Colony assays

A549 cells, A549 shNC and A549 sheEF2K cells were seeded at a density of 500 cells per well into 6-well plates and cultured for 15 days. The cells were fixed with anhydrous methanol and stained with Giemsa, and the number of colonies was counted under the microscope.

Extracellular lactate and glucose measurement

Cells were seeded into 6-well plates, after 12 h the culture media were replaced with fresh complete medium and incubated for additional 6 h. The media were then collected for extracellular measurement of glucose and lactate concentration. Cells were harvested for protein lysates including for normalization of cell number. Lactic acid levels were determined by using a lactic acid test kit (KeyGEN Biotech, KGT023) according to the manufacturer’s instruction. Glucose levels were measured using a glucose (GO) assay kit (Sigma-Aldrich, GAGO-20). All values were normalized on the basis of the Bradford protein assay.

SDS-PAGE/Western blot analysis and co-immunoprecipitation

Cells were lysed in cell lysis buffer for Western & IP (Beyotime Biotechnology) supplemented with a protease inhibitor PMSF at 4 °C for 30 min. Xenografted tumour tissues were homogenized in cell lysis buffer for Western. Protein concentrations of the lysates were measured using the BCA reagent (Beyotime Biotechnology). Equal amounts of protein were run on 10% SDS-PAGE gels, then transferred to nitrocellulose membranes (Pall), and probed with the indicated primary antibodies. Anti-rabbit and anti-mouse (1:5000) HRP-conjugated secondary antibodies were used. Blots were detected by chemiluminescence with the enhanced chemiluminescence detection reagents (PIERCE). For co-immunoprecipitation, cell lysates were incubated overnight at 4 °C with eEF2K (Santa Cruz, sc-393,366) or PKM2 (Santa Cruz, sc-365,684) antibody, then conjugated to protein A/G agarose beads while rocking. Immunoprecipitates were washed with washing buffer (50 mM Tris (pH 7.5), 150 mM NaCl, 1% Triton-X), re-suspended in 2 × loading buffer, and resolved by SDS-PAGE followed by immunoblotting analysis. The immunoprecipitates with eEF2K antibody were also subjected to protein MS analysis. Blots were quantified using Image J software and expressed by graphs.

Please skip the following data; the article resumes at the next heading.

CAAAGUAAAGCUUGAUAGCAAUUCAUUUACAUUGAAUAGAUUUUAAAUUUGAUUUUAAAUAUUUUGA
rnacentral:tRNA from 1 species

eEF2K activity and phosphorylation level of PKM2 assays

Recombinant GST-tagged eEF2K prepared in E. coli as previously described [27]. GST-tagged eEF2K, recombinant PKM2 (Abcam, ab89364) or eEF2 prepared in E. coli as previously described [28] were incubated in eEF2K kinase assay buffer (2 mM EDTA, 0.4 mM EGTA, 0.67 mM CaCl2, 5 mM MgCl2, 50 mM MOPS pH 7.0) containing 40 μg/ml or 16 ng/assay CaM (unless where specified), 50 μM unlabelled ATP, 1 μCi [γ-32P]ATP and where specified, 5 μM JAN-384 at 30 °C for the indicated periods of times. Samples were taken at 5, 10, 15, and 30 min by spotting 8-μl aliquots from the 40-μl assay mixture onto squares of Whatman P81 paper (2 cm by 2 cm), which were washed three times (5 min each) in 75 mM phosphoric acid followed by methanol before drying in air and scintillation counting.

In-gel trypsin digestion and LC-MS/MS analysis